A recent LinkedIn post by a friend of mine gave me pause for thought. Responding to an article exploring the complex challenges of leadership, they joked: “That’s all very well. But where’s the funny cartoon about the difference between leaders and managers?”
This post resonated with me. It neatly captured the over-simplistic view that people are either good or bad leaders, and there’s only one leadership style that works. In my experience, the reality is quite different. As in most aspects of life, a black-and-white view of leadership is far too one-dimensional. What we’re actually dealing with is shades of grey.
Right time, right approach
This isn’t to say that some people aren’t better leaders than others: most of us know this is true from working for people at either end of the scale. But there isn’t one single leadership style that’s universally effective. Instead, there are many different approaches and techniques that leaders can use to successfully motivate, engage, and communicate with their teams, and to get the best out of their people.
Through decades of working in executive assessment, experience has shown that the better leaders have a wider range of tools in their toolkit – and they combine this with the ability to assess rapidly which tool is appropriate in a particular situation, and then apply the right one at the right time.
Which leads us to the age-old question of whether leaders are born or made. While some people inevitably find it easier to become effective leaders, our view is that leadership is a skill that many individuals have the capacity to develop by learning the techniques and how to apply them for optimal effect.
Pinpointing the challenges
When selecting a new leader, it’s critical to understand what the key challenges are for the organisation. The nature of those challenges will help to determine the type of leader they want, and more importantly need.
The temptation for companies is to focus on the generic qualities they assume make for a good leader. Instead businesses should focus on the specific challenges they are facing – and the qualities that are needed to overcome them, rather than taking a more wide-angled view of what’s required.
That might mean, for example, looking for someone who can set a strategy, empower the workforce to make it happen, and oversee operational delivery. But those capabilities really just cover the basic requirements for the job. They’re effectively table stakes for any leader in any business. What’s needed is a more granular, focused approach to leadership qualities that mirrors the business’s most pressing immediate issues and future needs.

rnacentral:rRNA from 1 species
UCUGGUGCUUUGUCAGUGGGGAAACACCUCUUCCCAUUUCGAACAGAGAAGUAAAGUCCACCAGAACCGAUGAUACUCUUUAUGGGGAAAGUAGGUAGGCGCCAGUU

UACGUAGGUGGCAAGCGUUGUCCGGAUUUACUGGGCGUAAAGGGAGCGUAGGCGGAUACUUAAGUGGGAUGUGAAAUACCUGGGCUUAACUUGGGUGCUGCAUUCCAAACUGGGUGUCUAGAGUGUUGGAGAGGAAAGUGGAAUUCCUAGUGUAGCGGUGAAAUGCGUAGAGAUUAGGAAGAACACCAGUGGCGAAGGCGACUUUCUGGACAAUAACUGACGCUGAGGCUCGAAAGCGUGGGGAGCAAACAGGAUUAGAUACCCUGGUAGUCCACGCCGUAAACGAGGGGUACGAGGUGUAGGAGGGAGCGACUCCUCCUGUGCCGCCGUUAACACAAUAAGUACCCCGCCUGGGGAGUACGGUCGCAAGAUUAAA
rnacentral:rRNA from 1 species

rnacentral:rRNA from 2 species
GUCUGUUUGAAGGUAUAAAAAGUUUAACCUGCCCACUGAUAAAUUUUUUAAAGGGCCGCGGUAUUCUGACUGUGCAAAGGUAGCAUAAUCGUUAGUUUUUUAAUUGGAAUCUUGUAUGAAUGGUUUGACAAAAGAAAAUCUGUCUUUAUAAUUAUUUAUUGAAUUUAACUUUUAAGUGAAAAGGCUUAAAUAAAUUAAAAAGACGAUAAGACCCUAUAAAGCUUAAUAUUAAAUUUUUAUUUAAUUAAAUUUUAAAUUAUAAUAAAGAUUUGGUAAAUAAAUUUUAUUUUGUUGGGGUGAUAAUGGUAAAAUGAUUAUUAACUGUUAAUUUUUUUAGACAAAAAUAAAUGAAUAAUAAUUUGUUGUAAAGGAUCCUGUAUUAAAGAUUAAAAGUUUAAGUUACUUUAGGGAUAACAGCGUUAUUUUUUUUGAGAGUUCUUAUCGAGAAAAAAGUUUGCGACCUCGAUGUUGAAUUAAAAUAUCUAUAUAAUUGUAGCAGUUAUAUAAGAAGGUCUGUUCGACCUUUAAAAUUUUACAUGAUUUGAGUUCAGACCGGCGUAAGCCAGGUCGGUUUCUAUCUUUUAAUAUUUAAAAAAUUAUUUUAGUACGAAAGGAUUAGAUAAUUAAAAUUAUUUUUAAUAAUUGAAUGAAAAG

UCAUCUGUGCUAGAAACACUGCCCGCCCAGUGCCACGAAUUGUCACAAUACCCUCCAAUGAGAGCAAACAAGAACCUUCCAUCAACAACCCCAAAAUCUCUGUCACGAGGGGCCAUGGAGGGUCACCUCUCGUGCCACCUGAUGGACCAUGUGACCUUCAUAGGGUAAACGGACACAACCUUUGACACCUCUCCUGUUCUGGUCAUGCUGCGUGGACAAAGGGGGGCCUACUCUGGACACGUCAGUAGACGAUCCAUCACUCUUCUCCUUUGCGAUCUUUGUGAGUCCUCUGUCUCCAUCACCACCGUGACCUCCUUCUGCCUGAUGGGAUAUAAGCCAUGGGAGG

A focused approach to identifying leadership qualities and skills?
Take a business that’s going through some form of crisis and requires a rapid turnaround. The leader coming into that situation will need the ability to make assertive decisions and adopt a directive approach in the short term. But that person will need to be able to pull from a different set of skills to lead the business in the longer term once it’s back on an even keel. It comes down to having a range of tools at their disposal – and just as important, knowing which ones to use at any given point.
A further important aspect of a leader’s toolkit is the extent to which they apply their various techniques, dialling the volume up and down as needed. For example, a leader may be highly supportive – a valuable quality, particularly in cases where teams and individuals are going through a difficult time. But if they are so tolerant that they don’t hold people to account, this may become a problem. This applies to all situations – the leader will need to be able to make a balanced judgement about style or technique deployed, and to what extent.
Three principles for finding the right leader with right leadership qualities and skills
Given that leadership is not one-size-fits-all, what should boards think about when setting out to find their next leader? In our experience, they should focus on three things.
The first, as already outlined, is to be as specific as possible about the challenges being faced and the qualities needed to address them. This means understanding the key issues confronting their business, and what the new leader will need to achieve over a given timeframe.
Second, they shouldn’t be tempted to simply look for more of what they already have. In the past, there was a tendency to look for someone who would be a “good cultural fit”. But, over time, this mindset can contribute to a lack of diversity and group think. Far better to look for someone who would complement the existing team. In fact, recruiting a new leader can be an opportunity to drive real culture change.
Third, ensure that they have an objective candidate evaluation process in place that provides a comprehensive understanding of not just what candidates have achieved, but how they have achieved it, and how they behave as a leader.
Tapping into the potential
On a positive note, in our experience, leadership is something that can be learned and developed. Many individuals possess the potential to become effective leaders, given the right experience and opportunity. What’s needed is the intellectual capacity combined with the commitment to learn and develop, and to work at it – and how they do that is down to them.
Where do we come in? Our leadership assessment methodology is specifically designed to evaluate leadership talent, taking into account various factors such as leadership behaviour and capability, future potential, and organisational alignment. Through assessments, companies can effectively evaluate and develop candidates who have the ability to drive the organisation towards its strategic goals.
Unleash leadership potential with Redgrave’s expert leadership assessment